The idea is that the Avatar you hire follows your direction and you can move him/her around with movement controls, aim the smartphone camera with other controls and also ask for any kind of action you would do with your own body. You see and hear everything through the Avatar’s smartphone camera and microphone.

The directions are issued graphically, with icons, so you and your Avatar do not even have to speak the same language.

That is the revolution: to ASK to another human to do what you would do in that remote place and let him/her execute all the minute movements that are needed. Instead of a dummy robot, you can have a human being carry out high-level tasks for you.

There is a patent on the user interface technology that allows the users (that they call usArs, maybe because it sounds more Avatar-ish) to issue the commands. Instead of spoken or written instructions (that you can always use, if you prefer) you can have specific icons appear on the screen of the smartphone of your Avatar. From an arrow to say ‘start walking’ to a minus sign to say ‘look to the left while you keep walking’ there is a set of control icons for any kind of operation.

The patent is mainly about ‘context-dependent icons’: a fancy way to say that not only the icon is important, but also the position where it appears on the video stream coming from your Avatar. For instance, if you click on a specific shop window in a street full of different shops and select the ‘watch’ icon, it means that you are asking your Avatar to move in front of THAT specific shop and wait for further commands.

If the Avatar needs to walk, turn, wait for a traffic light, avoid obstacles with a simple (but very high-level for any robot) path planning, you do not have to devise it and issue all the minute commands for all the movements needed. Since you are asking for an high-level result from a fellow human, you do not have to do all the work. Also, the Avatar has a better situation awareness because he is on place, while you from home could not be seeing important local issues. That is also why all other robots (like Beam) cannot walk outside of closed places.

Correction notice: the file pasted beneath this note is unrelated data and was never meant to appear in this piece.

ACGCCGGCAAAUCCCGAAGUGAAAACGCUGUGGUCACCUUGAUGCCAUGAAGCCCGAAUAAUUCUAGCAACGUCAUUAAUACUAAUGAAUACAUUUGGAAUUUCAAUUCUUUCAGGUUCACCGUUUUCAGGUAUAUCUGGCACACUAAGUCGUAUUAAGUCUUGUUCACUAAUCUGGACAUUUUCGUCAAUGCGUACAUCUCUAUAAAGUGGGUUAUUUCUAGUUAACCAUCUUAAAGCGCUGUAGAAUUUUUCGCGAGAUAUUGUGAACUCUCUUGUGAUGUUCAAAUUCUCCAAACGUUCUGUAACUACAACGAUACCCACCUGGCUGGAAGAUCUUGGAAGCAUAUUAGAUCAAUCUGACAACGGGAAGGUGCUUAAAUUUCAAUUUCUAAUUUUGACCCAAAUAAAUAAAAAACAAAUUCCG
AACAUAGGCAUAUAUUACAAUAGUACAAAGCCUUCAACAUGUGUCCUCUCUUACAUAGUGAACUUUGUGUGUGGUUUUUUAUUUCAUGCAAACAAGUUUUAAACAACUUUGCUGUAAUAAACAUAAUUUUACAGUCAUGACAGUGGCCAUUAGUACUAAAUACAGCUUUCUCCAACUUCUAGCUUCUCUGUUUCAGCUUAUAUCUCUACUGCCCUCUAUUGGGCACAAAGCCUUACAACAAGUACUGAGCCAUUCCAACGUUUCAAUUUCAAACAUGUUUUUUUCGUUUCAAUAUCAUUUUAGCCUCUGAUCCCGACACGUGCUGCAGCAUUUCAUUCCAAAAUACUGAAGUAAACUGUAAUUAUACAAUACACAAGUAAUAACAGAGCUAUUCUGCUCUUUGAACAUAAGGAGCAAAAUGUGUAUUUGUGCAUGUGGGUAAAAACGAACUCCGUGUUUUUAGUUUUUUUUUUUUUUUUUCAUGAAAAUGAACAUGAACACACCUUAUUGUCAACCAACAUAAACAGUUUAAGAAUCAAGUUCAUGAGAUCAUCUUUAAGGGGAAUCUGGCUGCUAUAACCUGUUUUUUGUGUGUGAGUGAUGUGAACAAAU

So, is this something so new? Is it the next big thin?

All in all, videoconferencing systems have been around for many years. If nobody ever used them for such a service, something should have been missing.

I really believe now that putting a GUI layer on a videoconferencing system makes the difference.

I just thought about some of the uses, and you can see a lot more of them, especially when there will be a marketplace for the Avatars, where you can find somebody willing to BE you everywhere in the world:

  • Remote tourism services (lets take a look to that remote place we probably will never travel to)
  • Remote shopping (lets watch the shops in Paris and maybe buy a fancy bra)
  • Remote industrial assistance (let the skills travel, not the bodies)
  • Business travels (lets take a look to that factory in Shenzhen to decide immediately)
  • Used cars sales (is that car ok for me? Let me see it before going to that other city where it is)
  • Real estate (I would like to explore the house and the surroundings)

There are a lot of uses and every person I talk to comes out with another one.

A startup to watch closely, just as those investors in Palo Alto said.

 

George Mannings